I’d never even heard of this film but my girlfriend and I picked it up at a local video store called Bull Moose here in Maine. Jessica Biel has never been on my short list of favorite actresses, but it seemed like it could be good so we bought it.

During the opening of the movie and probably through about half of it, it had me hooked. It had great atmosphere, an intriguing villain in the form of The Tall Man – and a cool-sounding, creepy town. I mean, Cold Rock – how much cooler can you get than that? However, the director and/or story aims to trick the viewer and basically lie to them in order to achieve its hidden message/twist ending. This could have been a decent horror flick but instead it turns out to be a benign sort of social commentary about bad parents.

Jessica Biel was just okay as Julia Denning, and unfortunately she was basically the only character we should’ve cared much about but she even failed to make me do that. If I were you, I’d avoid this confusing and misleading film but maybe it’s worth a single watch on a night when you have nothing else on your plate.

JOE Rating: ★★

Movie Trailer For The Tall Man

Waitress (2007)

Waitress (2007)

Original Theatrical Release: May 25, 2007
Director: Adrienne Shelly

Jenna (Keri Russell), a server who is trapped in an abusive relationship with her husband Earl (Jeremy Sisto), has a talent for creating amazing pies -which she often uses to mentally escape from her life. A new doctor comes to town (Nathan Fillion) and she finds out from him that she’s pregnant, spurring a series of events that rock her world and force her into action.

Waitress kind of surprised me. I wasn’t sure what to expect with this movie before seeing it. I’d watched the trailer and  liked the look of the cinematography and the narrative voice of Jenna’s character. I love Jeremy Sisto as an actor, and also Nathan Fillion, so it was a natural for me to check out.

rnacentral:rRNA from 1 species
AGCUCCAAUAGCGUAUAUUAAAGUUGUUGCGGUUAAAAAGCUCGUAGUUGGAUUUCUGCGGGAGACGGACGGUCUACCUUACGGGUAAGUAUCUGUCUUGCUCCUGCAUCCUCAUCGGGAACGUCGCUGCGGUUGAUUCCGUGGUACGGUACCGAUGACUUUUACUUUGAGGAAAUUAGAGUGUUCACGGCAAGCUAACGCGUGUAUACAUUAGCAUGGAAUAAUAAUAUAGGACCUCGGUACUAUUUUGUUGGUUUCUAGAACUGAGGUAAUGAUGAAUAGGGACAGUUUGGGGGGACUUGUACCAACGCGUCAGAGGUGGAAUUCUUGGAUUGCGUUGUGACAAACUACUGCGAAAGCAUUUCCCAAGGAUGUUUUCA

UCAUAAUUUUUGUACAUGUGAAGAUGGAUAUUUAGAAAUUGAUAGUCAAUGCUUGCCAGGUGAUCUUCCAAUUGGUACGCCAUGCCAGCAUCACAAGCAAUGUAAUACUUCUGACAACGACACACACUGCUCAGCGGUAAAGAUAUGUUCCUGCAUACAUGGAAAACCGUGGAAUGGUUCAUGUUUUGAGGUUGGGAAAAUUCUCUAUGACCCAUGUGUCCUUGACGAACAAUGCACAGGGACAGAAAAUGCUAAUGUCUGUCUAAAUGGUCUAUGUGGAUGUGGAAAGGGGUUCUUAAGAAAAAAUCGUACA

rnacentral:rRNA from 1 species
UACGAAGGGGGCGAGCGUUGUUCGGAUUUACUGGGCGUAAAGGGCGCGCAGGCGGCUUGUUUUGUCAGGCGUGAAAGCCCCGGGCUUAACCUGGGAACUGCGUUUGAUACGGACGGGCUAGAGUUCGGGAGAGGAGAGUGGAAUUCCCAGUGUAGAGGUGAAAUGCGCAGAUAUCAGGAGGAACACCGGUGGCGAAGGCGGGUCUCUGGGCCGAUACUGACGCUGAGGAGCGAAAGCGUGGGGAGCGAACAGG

The acting was amazing in this movie. I hadn’t seen much of Keri Russel but she played her part very well. Jeremy Sisto was an amazing douche bag husband and Nathan Fillion was, of course, charming as the new doc. This was a very character-driven piece, the plot being secondary. Adrienne Shelly weaved everything together masterfully, though, and it all came together. I enjoyed seeing all the different sorts of pies she made and I rooted for her success. (Plus, we got to see Matlock in a diner)

About the only thing that kept me from giving it five stars was the pacing toward the end. By the time it was starting to wrap up, I had already figured out almost everything that was going to happen and basically had to stick around to see if I was right, at the end. Still, Adrienne Shelly definitely showcased her directing chops with this one. It’s too bad that she was murdered and now will not be able to create any more films. 😦

PS – I wonder if they created a pie recipe book as a movie tie-in. I’ll have to Google that…

JOE Rating: ★★★★

Movie Trailer For Waitress